In addition to /etc/default/browser, there's a new "man.hdk" in /atc/default. It looks like it has to do with the UDK, which I didn't install.
The cron file has changed, giving more control of cron's behaviour with regard to %, and also now lets you set variables, the shell to be used, and the PATH. That's very useful.
The lpd has a new "old_port_compatible" setting which helps it find lpd servers on older SCO systems.
The tcp file has the most new stuff. You control the startup of SSH here, and also get to specify up to 10 other daemons you want started after tcp itself. There are STARTDAEMON0 to STARTDAEMON9 and matching STOPDAEMON variables.
Other small changes include that user's default home directory is now in /u, which is created during the install whether you made multiple filesystems or not.
A lot of changes here. First, you'll find usb and pci choices for all kinds of things. The Hardware/Kernel manager has all sorts of new choices. You can configure Samba here, and ipfilter too (though all you get for that is an empty vi session - but see "mkfilters" below). Scsi jukeboxes, Tricord drives, LS-120 drives, even the APC ups daemon are all here. The "Terminal Emulation Control" that was introduced in 5.06 now can be controlled from here in addition to "mkdev scoansi". Of course, "mkdev" lists many new options also.
I noticed a SCROLLSZ tunable, which says it is the number of lines in the console scrollback buffer. So how do you scroll back? Darned if I know (no, it's not SHIFT PAGEUP). A developer tells me that they didn't get to finish documenting this but "mapkeys" is of course how you will set it. I don't know any more than that, but if one more person tells me about SHIFT PAGEUP (which is how Linux works), I'm going to throw a brick at them!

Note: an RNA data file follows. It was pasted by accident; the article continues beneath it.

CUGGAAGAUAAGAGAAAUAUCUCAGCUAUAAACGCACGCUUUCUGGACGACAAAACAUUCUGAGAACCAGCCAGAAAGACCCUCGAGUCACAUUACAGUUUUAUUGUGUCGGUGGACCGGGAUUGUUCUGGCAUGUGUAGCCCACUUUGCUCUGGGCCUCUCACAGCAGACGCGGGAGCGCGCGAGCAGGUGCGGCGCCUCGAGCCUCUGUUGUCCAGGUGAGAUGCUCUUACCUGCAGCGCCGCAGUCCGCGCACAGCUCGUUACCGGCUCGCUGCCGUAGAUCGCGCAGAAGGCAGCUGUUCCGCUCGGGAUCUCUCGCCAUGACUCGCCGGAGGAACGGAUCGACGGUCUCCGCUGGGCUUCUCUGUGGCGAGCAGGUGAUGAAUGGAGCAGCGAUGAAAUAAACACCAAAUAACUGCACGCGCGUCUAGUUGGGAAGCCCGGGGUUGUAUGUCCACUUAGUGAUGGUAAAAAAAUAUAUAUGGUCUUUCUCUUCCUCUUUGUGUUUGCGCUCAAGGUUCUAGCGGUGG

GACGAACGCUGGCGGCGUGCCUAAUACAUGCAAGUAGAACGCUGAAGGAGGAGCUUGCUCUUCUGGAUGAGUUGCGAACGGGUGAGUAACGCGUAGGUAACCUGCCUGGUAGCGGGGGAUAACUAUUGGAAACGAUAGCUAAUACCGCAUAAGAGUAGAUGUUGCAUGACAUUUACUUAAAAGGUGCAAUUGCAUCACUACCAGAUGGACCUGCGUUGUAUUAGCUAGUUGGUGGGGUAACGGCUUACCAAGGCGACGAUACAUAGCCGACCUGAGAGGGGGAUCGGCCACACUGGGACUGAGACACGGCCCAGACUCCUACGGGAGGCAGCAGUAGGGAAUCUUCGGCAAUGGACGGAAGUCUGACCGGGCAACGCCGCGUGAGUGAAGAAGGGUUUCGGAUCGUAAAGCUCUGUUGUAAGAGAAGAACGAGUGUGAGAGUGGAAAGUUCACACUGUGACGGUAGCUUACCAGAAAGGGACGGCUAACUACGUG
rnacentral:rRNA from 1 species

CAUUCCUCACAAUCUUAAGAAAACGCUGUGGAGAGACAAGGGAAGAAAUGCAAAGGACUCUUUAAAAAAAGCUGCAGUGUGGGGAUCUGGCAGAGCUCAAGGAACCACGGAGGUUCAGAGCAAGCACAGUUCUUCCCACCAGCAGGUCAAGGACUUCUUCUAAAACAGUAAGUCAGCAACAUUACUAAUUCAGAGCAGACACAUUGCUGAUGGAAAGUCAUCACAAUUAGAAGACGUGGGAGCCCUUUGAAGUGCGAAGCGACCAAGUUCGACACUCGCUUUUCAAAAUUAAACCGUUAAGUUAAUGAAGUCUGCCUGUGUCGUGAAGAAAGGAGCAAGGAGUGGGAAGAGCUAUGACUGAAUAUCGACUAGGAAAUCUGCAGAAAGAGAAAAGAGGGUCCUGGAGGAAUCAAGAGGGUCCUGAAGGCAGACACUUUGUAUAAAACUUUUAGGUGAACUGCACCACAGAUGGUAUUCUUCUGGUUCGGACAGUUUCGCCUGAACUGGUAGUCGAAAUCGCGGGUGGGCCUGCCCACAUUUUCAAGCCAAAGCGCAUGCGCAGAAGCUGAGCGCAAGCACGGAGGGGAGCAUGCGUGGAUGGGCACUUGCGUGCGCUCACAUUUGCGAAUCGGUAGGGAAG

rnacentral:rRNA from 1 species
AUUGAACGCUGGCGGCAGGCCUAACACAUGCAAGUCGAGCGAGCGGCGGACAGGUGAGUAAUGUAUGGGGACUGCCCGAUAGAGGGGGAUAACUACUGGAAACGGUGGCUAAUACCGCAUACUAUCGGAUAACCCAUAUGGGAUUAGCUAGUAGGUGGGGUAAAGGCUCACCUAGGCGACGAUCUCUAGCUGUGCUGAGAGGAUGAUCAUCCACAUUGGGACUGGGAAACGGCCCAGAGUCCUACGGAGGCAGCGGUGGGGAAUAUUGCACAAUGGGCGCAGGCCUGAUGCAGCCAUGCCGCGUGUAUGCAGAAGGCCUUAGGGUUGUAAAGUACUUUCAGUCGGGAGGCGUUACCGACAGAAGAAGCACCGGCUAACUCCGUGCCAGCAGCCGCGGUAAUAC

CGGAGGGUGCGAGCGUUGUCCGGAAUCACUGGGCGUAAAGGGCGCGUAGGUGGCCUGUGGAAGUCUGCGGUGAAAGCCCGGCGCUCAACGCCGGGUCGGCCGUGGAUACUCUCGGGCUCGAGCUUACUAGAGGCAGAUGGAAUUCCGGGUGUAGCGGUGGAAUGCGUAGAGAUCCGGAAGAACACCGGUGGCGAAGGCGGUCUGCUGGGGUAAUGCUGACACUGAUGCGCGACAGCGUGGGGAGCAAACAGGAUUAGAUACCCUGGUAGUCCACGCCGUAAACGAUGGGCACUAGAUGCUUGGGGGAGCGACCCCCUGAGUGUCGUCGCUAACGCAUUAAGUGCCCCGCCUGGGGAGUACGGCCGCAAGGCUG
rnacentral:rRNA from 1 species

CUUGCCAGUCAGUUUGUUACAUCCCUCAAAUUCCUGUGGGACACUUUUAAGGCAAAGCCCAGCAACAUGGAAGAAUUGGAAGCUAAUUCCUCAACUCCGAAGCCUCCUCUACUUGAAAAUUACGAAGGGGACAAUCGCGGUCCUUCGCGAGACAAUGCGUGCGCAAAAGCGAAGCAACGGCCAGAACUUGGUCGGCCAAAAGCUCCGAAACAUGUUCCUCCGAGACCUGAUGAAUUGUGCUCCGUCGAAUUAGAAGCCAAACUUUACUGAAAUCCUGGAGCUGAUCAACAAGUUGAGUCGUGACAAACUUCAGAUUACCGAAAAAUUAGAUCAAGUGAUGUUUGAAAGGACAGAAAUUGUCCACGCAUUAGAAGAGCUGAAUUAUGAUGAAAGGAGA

Listings of the PATH directories show new commands - not necessarily new to you, of course, but new to OSR5. Some new additions: bzip2, crypt and openssl, gzip, pccardslot (no man page), udisetup (installs a UDI driver). Also, "more" has become "less" (that is, they are the same binary; see the man page), and a lot of graphic manipulators/converters are included. As already mentioned, ssh and all the associated OpenSSH commands and tools are here. Ldap tools are also present, and vacation was nice to see.
I was glad to see that "mkfilters" (a Perl script that does a basic ipfilter configuration) was here (in /etc), but you need to edit it because it thinks Perl is in /usr/local/bin. Just change the first line to "#!/usr/bin/perl".
I'm sure I've missed other important new or changed commands.
Prior versions left you some slack in licensing. A 5 user version would let you pass a few more users before it refused any more. That's all gone: this system cuts you off right then and there. There are also unusual procedures for upgrading if you prefer to do a fresh install: you need both your 5.0.5/6 license and your new 5.0.7 upgrade license. That's a change from past practice: an upgrade license was really just a normal license you paid less for because of owning the previous license. I don't see that as great hardship, but I do wonder if it will have an affect on future upgrades: will you have to keep your 5.0.5/6 license handy forever?
More than a few of us were surprised that SCO came out with this new release. There's some life left in OpenServer yet.
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More Articles by Tony Lawrence © 2012-07-12 Tony Lawrence